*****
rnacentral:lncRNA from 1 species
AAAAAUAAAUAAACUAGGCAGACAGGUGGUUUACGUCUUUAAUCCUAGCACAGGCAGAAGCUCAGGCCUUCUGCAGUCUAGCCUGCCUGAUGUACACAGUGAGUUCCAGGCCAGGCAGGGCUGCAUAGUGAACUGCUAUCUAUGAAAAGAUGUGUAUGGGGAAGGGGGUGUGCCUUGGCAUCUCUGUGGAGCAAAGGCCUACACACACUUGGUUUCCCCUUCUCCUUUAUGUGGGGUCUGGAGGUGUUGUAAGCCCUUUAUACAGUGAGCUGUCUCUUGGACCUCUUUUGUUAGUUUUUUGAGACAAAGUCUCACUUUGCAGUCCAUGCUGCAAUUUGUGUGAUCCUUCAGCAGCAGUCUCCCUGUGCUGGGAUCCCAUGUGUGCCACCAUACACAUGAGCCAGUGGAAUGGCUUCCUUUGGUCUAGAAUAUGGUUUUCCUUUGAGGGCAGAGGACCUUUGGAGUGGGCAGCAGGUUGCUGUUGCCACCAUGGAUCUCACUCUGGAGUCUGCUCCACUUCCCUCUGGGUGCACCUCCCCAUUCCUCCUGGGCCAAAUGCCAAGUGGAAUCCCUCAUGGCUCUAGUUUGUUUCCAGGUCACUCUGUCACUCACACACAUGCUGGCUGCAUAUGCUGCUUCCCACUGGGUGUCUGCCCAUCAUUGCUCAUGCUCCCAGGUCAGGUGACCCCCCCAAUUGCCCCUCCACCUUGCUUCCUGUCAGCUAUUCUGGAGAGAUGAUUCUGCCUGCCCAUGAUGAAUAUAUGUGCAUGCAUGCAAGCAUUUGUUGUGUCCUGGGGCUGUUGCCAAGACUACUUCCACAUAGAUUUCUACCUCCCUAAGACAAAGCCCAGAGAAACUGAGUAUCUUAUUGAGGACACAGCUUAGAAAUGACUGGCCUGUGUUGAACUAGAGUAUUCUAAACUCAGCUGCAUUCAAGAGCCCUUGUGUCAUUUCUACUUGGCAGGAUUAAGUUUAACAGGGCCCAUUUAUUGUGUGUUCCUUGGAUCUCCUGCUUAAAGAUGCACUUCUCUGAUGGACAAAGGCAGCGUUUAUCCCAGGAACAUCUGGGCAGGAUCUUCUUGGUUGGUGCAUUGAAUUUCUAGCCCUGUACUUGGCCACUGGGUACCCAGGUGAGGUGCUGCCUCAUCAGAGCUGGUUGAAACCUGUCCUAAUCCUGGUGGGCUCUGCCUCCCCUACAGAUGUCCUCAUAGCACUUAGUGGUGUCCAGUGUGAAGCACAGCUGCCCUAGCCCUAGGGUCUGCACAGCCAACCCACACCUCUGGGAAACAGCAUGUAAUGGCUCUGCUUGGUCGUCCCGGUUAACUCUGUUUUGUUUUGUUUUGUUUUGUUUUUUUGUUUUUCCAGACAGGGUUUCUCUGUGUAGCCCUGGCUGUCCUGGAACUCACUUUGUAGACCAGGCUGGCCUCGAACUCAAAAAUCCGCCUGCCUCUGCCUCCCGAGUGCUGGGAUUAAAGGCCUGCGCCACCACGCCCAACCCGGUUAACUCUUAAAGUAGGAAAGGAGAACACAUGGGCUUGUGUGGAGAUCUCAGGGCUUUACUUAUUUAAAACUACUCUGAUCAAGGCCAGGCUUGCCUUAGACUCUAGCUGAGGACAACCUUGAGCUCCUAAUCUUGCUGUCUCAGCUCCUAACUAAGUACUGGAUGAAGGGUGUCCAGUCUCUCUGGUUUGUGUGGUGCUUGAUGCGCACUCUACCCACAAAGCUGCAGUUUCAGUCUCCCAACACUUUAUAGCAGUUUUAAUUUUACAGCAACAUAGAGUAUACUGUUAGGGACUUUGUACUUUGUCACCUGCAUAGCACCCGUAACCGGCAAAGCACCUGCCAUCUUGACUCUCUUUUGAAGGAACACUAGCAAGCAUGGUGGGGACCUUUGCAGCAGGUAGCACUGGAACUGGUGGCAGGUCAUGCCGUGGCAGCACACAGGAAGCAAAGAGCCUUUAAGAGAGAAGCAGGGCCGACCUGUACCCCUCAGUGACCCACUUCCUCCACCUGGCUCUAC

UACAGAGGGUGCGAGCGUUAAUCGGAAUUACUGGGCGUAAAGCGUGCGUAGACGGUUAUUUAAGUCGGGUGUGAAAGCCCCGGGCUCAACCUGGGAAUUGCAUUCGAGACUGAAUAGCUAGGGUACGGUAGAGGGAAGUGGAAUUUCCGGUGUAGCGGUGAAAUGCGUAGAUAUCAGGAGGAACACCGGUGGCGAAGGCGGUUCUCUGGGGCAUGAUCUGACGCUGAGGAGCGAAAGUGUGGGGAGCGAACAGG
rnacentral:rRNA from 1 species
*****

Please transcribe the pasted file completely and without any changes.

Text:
rnacentral:lncRNA from 1 species
AAAAAUAAAUAAACUAGGCAGACAGGUGGUUUACGUCUUUAAUCCUAGCACAGGCAGAAGCUCAGGCCUUCUGCAGUCUAGCCUGCCUGAUGUACACAGUGAGUUCCAGGCCAGGCAGGGCUGCAUAGUGAACUGCUAUCUAUGAAAAGAUGUGUAUGGGGAAGGGGGUGUGCCUUGGCAUCUCUGUGGAGCAAAGGCCUACACACACUUGGUUUCCCCUUCUCCUUUAUGUGGGGUCUGGAGGUGUUGUAAGCCCUUUAUACAGUGAGCUGUCUCUUGGACCUCUUUUGUUAGUUUUUUGAGACAAAGUCUCACUUUGCAGUCCAUGCUGCAAUUUGUGUGAUCCUUCAGCAGCAGUCUCCCUGUGCUGGGAUCCCAUGUGUGCCACCAUACACAUGAGCCAGUGGAAUGGCUUCCUUUGGUCUAGAAUAUGGUUUUCCUUUGAGGGCAGAGGACCUUUGGAGUGGGCAGCAGGUUGCUGUUGCCACCAUGGAUCUCACUCUGGAGUCUGCUCCACUUCCCUCUGGGUGCACCUCCCCAUUCCUCCUGGGCCAAAUGCCAAGUGGAAUCCCUCAUGGCUCUAGUUUGUUUCCAGGUCACUCUGUCACUCACACACAUGCUGGCUGCAUAUGCUGCUUCCCACUGGGUGUCUGCCCAUCAUUGCUCAUGCUCCCAGGUCAGGUGACCCCCCCAAUUGCCCCUCCACCUUGCUUCCUGUCAGCUAUUCUGGAGAGAUGAUUCUGCCUGCCCAUGAUGAAUAUAUGUGCAUGCAUGCAAGCAUUUGUUGUGUCCUGGGGCUGUUGCCAAGACUACUUCCACAUAGAUUUCUACCUCCCUAAGACAAAGCCCAGAGAAACUGAGUAUCUUAUUGAGGACACAGCUUAGAAAUGACUGGCCUGUGUUGAACUAGAGUAUUCUAAACUCAGCUGCAUUCAAGAGCCCUUGUGUCAUUUCUACUUGGCAGGAUUAAGUUUAACAGGGCCCAUUUAUUGUGUGUUCCUUGGAUCUCCUGCUUAAAGAUGCACUUCUCUGAUGGACAAAGGCAGCGUUUAUCCCAGGAACAUCUGGGCAGGAUCUUCUUGGUUGGUGCAUUGAAUUUCUAGCCCUGUACUUGGCCACUGGGUACCCAGGUGAGGUGCUGCCUCAUCAGAGCUGGUUGAAACCUGUCCUAAUCCUGGUGGGCUCUGCCUCCCCUACAGAUGUCCUCAUAGCACUUAGUGGUGUCCAGUGUGAAGCACAGCUGCCCUAGCCCUAGGGUCUGCACAGCCAACCCACACCUCUGGGAAACAGCAUGUAAUGGCUCUGCUUGGUCGUCCCGGUUAACUCUGUUUUGUUUUGUUUUGUUUUGUUUUUUUGUUUUUCCAGACAGGGUUUCUCUGUGUAGCCCUGGCUGUCCUGGAACUCACUUUGUAGACCAGGCUGGCCUCGAACUCAAAAAUCCGCCUGCCUCUGCCUCCCGAGUGCUGGGAUUAAAGGCCUGCGCCACCACGCCCAACCCGGUUAACUCUUAAAGUAGGAAAGGAGAACACAUGGGCUUGUGUGGAGAUCUCAGGGCUUUACUUAUUUAAAACUACUCUGAUCAAGGCCAGGCUUGCCUUAGACUCUAGCUGAGGACAACCUUGAGCUCCUAAUCUUGCUGUCUCAGCUCCUAACUAAGUACUGGAUGAAGGGUGUCCAGUCUCUCUGGUUUGUGUGGUGCUUGAUGCGCACUCUACCCACAAAGCUGCAGUUUCAGUCUCCCAACACUUUAUAGCAGUUUUAAUUUUACAGCAACAUAGAGUAUACUGUUAGGGACUUUGUACUUUGUCACCUGCAUAGCACCCGUAACCGGCAAAGCACCUGCCAUCUUGACUCUCUUUUGAAGGAACACUAGCAAGCAUGGUGGGGACCUUUGCAGCAGGUAGCACUGGAACUGGUGGCAGGUCAUGCCGUGGCAGCACACAGGAAGCAAAGAGCCUUUAAGAGAGAAGCAGGGCCGACCUGUACCCCUCAGUGACCCACUUCCUCCACCUGGCUCUAC

UACAGAGGGUGCGAGCGUUAAUCGGAAUUACUGGGCGUAAAGCGUGCGUAGACGGUUAUUUAAGUCGGGUGUGAAAGCCCCGGGCUCAACCUGGGAAUUGCAUUCGAGACUGAAUAGCUAGGGUACGGUAGAGGGAAGUGGAAUUUCCGGUGUAGCGGUGAAAUGCGUAGAUAUCAGGAGGAACACCGGUGGCGAAGGCGGUUCUCUGGGGCAUGAUCUGACGCUGAGGAGCGAAAGUGUGGGGAGCGAACAGG
rnacentral:rRNA from 1 species